This often happens if your terrarium is in an area of your house that has a lot of visitors or movement, both of which may scare your turtle.
It can also happen if your habitat isn’t set-up very well, such as being very shallow and having an open-top on the ground, thus allowing your turtle to become frightened every time someone walks in.
While we’re on the topic of a good set-up, you’ll want to make sure you’ve got a good substrate for your box turtle to burrow into that is safe for your turtle.
That being said, your turtle’s digging doesn’t necessarily have to be due to being scared. Box turtles often dig and burrow down into the dirt simply because it makes them feel more comfortable down there.
Foraging For Food
This is one of the less likely reasons for your box turtle’s burrowing, but it does happen from time to time.
If you haven’t been giving your box turtle an appropriate amount of food or the right types of foods, it may not be digging but rather foraging for food.
Make sure you are feeding your box turtle daily vegetables, as well as a protein source a few times a week to avoid this.
Preparation For Laying Eggs
If your box turtle is a female, and particularly if it has had the chance to mate, it may be digging in order to lay eggs.
Often the tell-tale sign of this is when your box turtle digs with its hind legs and is backing into its hole, rather than digging with its forelegs and going in head-first.
Another sign that this is happening is noticing how deep the hole is. The deeper, the more likely she is laying eggs. This is because turtles often dig shallow holes to get away from the surface, but they need those deeper holes in order to smooth out a chamber in which to deposit her eggs.
Lastly, she will often repack the dirt to cover the entrance, basically making it NOT look like she just burrowed there.
This is obviously much more likely if you have an outdoor habitat. But if your box turtle is laying eggs, it will look quite a bit different from typical burrowing.
If you suspect your box turtle to be laying eggs, leave her be and let nature take its course, particularly if its outdoors and a wild turtle. What will typically happen is the turtle will leave the nest and never return. The turtles will hatch and make their way out into the world.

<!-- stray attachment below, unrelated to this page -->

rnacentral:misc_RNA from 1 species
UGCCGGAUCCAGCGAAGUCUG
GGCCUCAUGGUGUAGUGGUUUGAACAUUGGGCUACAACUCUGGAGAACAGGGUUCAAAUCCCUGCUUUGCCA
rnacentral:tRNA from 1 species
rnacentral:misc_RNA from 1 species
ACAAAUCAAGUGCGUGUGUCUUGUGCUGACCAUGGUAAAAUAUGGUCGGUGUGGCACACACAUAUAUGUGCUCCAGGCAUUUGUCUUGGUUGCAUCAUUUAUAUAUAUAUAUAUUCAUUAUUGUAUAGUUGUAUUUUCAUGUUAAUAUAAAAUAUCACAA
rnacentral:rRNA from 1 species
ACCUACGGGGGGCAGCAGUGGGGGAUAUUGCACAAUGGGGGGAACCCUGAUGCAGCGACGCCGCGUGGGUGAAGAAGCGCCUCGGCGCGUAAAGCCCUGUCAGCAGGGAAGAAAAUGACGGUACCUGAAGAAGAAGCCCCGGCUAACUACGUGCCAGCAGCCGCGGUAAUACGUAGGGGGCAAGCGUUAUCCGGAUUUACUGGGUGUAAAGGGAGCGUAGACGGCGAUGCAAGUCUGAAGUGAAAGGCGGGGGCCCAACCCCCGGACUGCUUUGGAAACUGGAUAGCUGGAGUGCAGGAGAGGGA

It would also be wise to keep away any cats, dogs or children you may have from the turtle. The best course of action is to simply refrain from disturbing the turtle.
Why Is My Turtle Burying Itself?
If your turtle is completely covering itself with mud, dirt, plants or anything else in your tank, that will eliminate a few possible reasons.
If you see your box turtle doing this, it is likely due to:
- Brumation due to the upcoming winter months.
- Aestivation when it gets too hot.
- To make itself feel more comfortable.
- To feel safer and more secure in its environment.
If it’s completely covering itself, it is probably not foraging for food or doing it because of boredom.
Do Red-Eared Sliders Bury Themselves?
Lastly, I wanted to mention that digging and burrowing is not something limited to just box turtles. Aquatic species of turtles such as red-eared sliders and painted turtles will also bury themselves when they can.
Usually, aquatic species bury themselves for 2 reasons:
- To brumate.
- To lay eggs.
As aquatic species live in the water, digging into the earth in order to get relief from the hot sun or weather is a lot less likely.
Instead, what they do is as the winter months start to come around, they will burrow down deep into the soft mud at the bottom of the lake, pond or stream where they live. This will actually keep them warmer than staying outside in the snow. It will also keep them a lot safer from remaining in the frigid water, where respiratory illness is waiting just around the corner.
When it comes time to lay eggs, females will often deposit the eggs on or near the shore. Red-eared sliders often mate around May and will usually lay their eggs sometime in June, July, and August.
- Box turtles typically dig because the temperature is getting too hot or cold, in order to forage for food, stave off boredom, feel safe and secure as well as lay eggs.
- You can often surmise the most likely reason why your box turtle is digging due to the temperature, time of year, diet as well as any possible mating opportunities your turtle may have had.